§ MR. D. SULLIVAN (Westmeath, S.)
I beg to ask the Secretary to the Treasury whether, on the introduction, by Order in Council of August, 1890, of the seven-hour working day into the Departments of State, any opportunity of retirement was afforded to such Civil servants as might, object to the extra hour's daily attendance thereby required; whether the Treasury will now give 390 facilities for retirement to such Civil servants: whether the terms of retirement will have regard to the equitable claims of those who, in consequence of the change, desire to determine their employment; and whether, in cases where Departmental reorganisation would be facilitated, or no additional burden imposed on the taxpayer, abolition terms will be conceded?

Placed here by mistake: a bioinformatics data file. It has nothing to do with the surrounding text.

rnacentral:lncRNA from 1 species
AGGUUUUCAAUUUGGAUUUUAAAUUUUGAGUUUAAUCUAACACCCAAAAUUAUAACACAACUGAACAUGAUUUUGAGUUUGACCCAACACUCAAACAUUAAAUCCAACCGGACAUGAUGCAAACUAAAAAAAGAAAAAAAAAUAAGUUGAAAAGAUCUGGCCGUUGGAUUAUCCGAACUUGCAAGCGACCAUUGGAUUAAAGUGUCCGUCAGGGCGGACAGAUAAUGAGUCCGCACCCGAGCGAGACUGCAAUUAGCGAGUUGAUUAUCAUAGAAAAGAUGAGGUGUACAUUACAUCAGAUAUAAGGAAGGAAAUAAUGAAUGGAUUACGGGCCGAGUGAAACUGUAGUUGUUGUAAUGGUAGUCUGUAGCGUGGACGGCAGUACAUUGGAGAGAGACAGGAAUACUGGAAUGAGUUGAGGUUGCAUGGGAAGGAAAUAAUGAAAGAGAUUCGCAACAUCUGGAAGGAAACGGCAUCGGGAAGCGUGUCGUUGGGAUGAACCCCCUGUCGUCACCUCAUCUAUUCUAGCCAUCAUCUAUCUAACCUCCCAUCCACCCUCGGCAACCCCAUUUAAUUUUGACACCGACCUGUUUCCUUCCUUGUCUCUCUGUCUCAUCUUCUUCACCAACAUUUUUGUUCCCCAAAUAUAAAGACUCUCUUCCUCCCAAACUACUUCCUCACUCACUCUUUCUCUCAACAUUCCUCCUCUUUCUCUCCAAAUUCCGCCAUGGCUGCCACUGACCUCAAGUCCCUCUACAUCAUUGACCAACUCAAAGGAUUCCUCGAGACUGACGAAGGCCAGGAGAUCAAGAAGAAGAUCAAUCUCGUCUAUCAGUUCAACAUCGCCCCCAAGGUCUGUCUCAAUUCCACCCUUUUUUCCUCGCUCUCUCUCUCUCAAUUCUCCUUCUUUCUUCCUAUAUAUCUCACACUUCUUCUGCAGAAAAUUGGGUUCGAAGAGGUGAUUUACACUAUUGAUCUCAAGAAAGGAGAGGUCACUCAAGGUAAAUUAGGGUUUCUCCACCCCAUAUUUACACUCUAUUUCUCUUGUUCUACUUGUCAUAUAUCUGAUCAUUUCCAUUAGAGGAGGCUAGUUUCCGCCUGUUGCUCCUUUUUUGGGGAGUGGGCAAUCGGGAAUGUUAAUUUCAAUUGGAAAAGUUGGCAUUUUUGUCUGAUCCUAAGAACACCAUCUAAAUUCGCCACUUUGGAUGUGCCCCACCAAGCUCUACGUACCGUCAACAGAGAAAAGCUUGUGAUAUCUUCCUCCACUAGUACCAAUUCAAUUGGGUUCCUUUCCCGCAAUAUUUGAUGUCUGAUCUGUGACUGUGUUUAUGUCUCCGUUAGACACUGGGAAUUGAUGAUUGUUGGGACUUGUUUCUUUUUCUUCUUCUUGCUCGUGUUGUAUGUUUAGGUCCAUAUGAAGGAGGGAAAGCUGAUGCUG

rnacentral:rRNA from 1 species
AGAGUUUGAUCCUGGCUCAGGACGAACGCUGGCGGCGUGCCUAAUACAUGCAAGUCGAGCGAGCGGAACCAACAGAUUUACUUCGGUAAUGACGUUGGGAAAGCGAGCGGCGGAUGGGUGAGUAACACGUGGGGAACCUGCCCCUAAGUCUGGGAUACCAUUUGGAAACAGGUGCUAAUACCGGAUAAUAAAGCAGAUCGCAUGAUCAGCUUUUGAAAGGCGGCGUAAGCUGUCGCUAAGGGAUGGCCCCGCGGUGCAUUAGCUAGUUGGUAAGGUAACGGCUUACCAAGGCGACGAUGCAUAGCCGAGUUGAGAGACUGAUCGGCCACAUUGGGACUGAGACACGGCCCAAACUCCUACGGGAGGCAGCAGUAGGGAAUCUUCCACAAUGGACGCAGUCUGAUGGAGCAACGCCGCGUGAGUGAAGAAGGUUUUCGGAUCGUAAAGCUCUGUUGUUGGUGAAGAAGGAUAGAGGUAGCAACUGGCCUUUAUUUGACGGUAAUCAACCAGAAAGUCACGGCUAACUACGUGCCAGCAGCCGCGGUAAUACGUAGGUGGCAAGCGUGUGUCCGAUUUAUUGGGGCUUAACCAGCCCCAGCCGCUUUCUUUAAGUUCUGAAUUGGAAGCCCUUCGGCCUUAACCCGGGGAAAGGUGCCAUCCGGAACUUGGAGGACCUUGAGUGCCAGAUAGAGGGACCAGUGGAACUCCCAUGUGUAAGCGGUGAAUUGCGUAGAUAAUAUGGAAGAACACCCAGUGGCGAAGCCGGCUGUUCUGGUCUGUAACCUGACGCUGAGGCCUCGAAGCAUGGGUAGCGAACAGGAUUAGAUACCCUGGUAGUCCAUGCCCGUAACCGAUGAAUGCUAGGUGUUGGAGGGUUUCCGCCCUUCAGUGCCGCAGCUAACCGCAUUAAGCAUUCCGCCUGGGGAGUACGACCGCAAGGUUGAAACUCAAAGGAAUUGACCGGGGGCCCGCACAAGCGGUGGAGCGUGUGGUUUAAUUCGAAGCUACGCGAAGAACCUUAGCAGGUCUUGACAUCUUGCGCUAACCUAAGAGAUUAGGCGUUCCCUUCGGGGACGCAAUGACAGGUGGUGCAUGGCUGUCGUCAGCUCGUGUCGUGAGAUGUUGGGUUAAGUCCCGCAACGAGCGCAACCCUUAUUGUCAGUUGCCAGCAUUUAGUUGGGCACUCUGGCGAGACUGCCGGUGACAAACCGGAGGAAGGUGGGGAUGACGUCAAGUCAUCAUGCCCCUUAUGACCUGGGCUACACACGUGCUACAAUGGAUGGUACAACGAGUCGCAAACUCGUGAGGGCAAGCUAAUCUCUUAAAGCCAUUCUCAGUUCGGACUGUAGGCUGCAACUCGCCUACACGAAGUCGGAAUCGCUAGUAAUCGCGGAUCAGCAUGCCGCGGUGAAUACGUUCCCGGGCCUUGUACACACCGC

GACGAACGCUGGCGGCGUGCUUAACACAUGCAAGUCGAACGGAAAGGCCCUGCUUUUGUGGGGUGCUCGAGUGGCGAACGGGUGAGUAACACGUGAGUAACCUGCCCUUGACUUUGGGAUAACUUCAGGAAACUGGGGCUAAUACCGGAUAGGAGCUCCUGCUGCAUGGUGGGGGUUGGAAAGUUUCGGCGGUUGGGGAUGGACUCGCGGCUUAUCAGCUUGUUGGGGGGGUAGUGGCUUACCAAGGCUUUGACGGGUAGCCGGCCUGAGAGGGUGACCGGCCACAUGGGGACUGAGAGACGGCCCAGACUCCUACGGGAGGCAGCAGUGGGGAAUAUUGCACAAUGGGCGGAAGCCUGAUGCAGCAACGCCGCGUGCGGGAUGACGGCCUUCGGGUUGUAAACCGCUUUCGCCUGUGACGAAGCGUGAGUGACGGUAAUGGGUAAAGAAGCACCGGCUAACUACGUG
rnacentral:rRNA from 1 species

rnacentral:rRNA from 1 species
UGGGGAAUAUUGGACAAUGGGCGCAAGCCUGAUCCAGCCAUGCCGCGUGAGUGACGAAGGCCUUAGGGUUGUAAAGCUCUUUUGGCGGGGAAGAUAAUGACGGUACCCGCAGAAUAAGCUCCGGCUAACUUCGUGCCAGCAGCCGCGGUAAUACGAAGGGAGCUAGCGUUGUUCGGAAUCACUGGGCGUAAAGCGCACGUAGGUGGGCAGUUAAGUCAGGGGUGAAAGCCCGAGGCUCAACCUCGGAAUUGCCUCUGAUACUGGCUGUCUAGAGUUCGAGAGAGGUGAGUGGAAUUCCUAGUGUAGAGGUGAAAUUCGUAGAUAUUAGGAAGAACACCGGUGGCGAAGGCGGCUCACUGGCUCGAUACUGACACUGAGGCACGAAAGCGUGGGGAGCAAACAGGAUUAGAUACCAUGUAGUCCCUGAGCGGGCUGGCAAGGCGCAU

§ THE SECRETARY TO THE TREASURY (Sir J. T. HIBBERT,) Oldham
The Treasury holds, with the Royal Commission on Civil Establishments, that, as there is no contract between the State and the Civil servant limiting the hours he shall be called upon to attend, any Civil servant who is required by the head of his Department to attend seven hours instead of six has no option but to obey. The Treasury has no power under the Superannuation Acts to pension persons who might wish to retire in preference to serving seven hours, unless their retirement would be otherwise permissible under those Acts. Lastly, the Treasury considers itself bound, after the declaration of the Royal Commission against abolition terms, to refuse all additions of years which may be proposed on the ground of re-organisation of office.